Richard Rose served in the Army for nine years, including two tours in Iraq and Afghanistan.
On April 28, Rose posted on Facebook that he refuses to wear a mask in public.
“Let [me] make this clear,” Rose wrote. “I’m not buying a fucking mask. I’ve made it this far by not buying into that damn hype.”
Rose died on July 4 from coronavirus complications. He was 37.
After his death, Rose’s original Facebook post about not wearing a mask went viral, being shared close to 20,000 times. Many of the comments mocked Rose’s stance on mask-wearing.
One person wrote: “And now you’re dead. Bet your family wishes you would’ve worn a mask.”
Nick Conley, a friend of Rose’s, told WOIO in Ohio that the ridicule is “uncalled for” but does hope that his friend’s masks’ stance serves as a warning to others.
Richard Rose made a choice to not wear a mask. It’s a personal choice that should remain personal, but this is a social media world. Our opinions must be posted for the world to read, even when no one specifically asked.
There’s a strong chance that Rose’s anti-mask stance comes from being in the military and years of proving he’s tougher than the next soldier.
Still, I doubt Rose ever embarked on a mission in Iraq and Afghanistan without the proper equipment.
“Nah, I don’t need armor or protection. I don’t believe in all the getting shot hype,” likely never came out of his mouth.
Though coronavirus might miss many of us, cancel culture is coming for all of us eventually. Our opinions, no matter how long ago expressed, will one day come back and bite us on the ass. Even if the opinion is a 180-degree turn from a person’s current philosophy or opinion and especially if we end up dead because of our stance.
A few weeks ago, our own Francis Ellis wrote about being canceled. He’s learned many different things since being publicly canceled. Not only did the public shaming help him grow as a person, but telling his story might help others to overcome prior bonehead opinions, or at least teach people to maybe keep quiet about certain feelings.
Rose obit said he “enjoyed social media,” which means the Army veteran knew precisely how the medium works. In fact, in his final days, Rose posted updates and memes about his failing health.
Rose posted on July 1 that he had been “very sick the past few days” and later wrote, “Well. I’m officially under quarantine for the next 14 days. I just tested positive for COVID-19. Sucks because I had just started a new job!”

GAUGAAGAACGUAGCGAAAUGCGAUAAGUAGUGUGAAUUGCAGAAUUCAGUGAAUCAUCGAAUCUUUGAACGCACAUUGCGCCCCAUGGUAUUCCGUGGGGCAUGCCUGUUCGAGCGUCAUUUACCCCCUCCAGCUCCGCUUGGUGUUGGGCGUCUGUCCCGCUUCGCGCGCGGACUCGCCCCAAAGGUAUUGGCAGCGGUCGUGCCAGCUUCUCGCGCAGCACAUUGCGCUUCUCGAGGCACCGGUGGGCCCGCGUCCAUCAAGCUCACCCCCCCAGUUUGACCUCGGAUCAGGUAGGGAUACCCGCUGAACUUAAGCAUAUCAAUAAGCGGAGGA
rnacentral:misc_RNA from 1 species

The next day, Rose wrote, “This COVID shit sucks! I’m so out of breath just sitting here.”
The 37-year-old’s final post came a day before his death. He posted a meme saying, “When you see me in heaven, don’t s–t yourself you judgmental pricks.”
In that last statement, Rose knew his days were numbered and understood that he’d be judged for his choices but would still make it to heaven.
At any point, Rose could have taken down his original post or just stated, “I was wrong, COVID is serious, wear a fucking mask.”
But he didn’t, and for that, maybe his social media account does need to stand untouched as a warning that COVID isn’t a joke. It’s not hype.
Rose’s friend Nick Conley called the tragedy “horrible,” adding that “the even more tragic part of that is who else became infected because of the actions that he chose.”
This quote sounds like Rose’s decision has also affected his family. He’s possibly infected multiple people at home or at his new job.
Wearing a mask is a choice, but not wearing a mask could have repercussions on yourself and on people actively trying to stay healthy and stop the virus from spreading.
Not wearing a mask during a pandemic is a statement that you really don’t give a shit about other people. In turn, other people shouldn’t really give a shit about you.
Nothing good comes from making fun of a person who dies based on their choices. Rose is gone, he’s not going to learn anything from a GIF comment.
The only people reading the mean comments are the families of the deceased, and, for all we know, those loved ones probably urged Rose to put a damn mask on every day.
Just like stating “I’m not wearing a mask” should be kept private, so should the opinions about people who don’t wear masks. Even if those people end up being 100% wrong.
Being put into the ground is the ultimate punishment and nothing positive comes from shoveling more dirt on the grave.